The part of the deck that you don’t normally see is the most important part that supports the weight, the part that takes the most energy to construct and get right, and the part many casually observers think shows little progress when being constructed.

In order to reduce leaf litter and deterioration, I caulked between brick and face plate.

And the decking begins!

The joints are not obvious and the area has a clean and spacious look.

The requested steps, near copies of the old ones were complex. I quit early this day for rain.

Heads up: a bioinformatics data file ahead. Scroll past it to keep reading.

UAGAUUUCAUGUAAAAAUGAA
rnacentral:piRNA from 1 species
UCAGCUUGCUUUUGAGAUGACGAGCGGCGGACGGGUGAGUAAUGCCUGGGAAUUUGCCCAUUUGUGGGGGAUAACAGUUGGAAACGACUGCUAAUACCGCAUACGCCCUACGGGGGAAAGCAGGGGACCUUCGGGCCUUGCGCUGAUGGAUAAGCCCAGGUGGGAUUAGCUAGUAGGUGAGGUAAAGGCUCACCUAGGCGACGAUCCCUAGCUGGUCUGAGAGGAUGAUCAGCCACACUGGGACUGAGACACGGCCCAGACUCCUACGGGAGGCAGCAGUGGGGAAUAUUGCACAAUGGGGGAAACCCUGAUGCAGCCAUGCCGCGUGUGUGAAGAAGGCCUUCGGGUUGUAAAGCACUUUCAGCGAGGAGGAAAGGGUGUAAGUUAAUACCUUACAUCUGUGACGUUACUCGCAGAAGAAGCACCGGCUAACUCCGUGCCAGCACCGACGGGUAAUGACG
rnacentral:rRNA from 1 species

Getting standard stringers to fit the rise and run of available space is a significant challenge.

The lady of the house wanted the deck to have symmetry, so the landing and stairs running two ways.

Concrete for some reason that I don’t understand causes quicker deterioration of treated wood than straight clay. So I have taken to putting tar on posts to lengthen the their life.

Wow! It’s finished. All that I need to do is stain it. I finish it off with a belt sander on the railing especially and any other place that looks rough.

And there it is in its light gray stain, all matching the brick and trim and gray, wicker deck furniture and white, metal furniture that we moved onto the deck a few days later. Another good challenge for Decks and Such completed.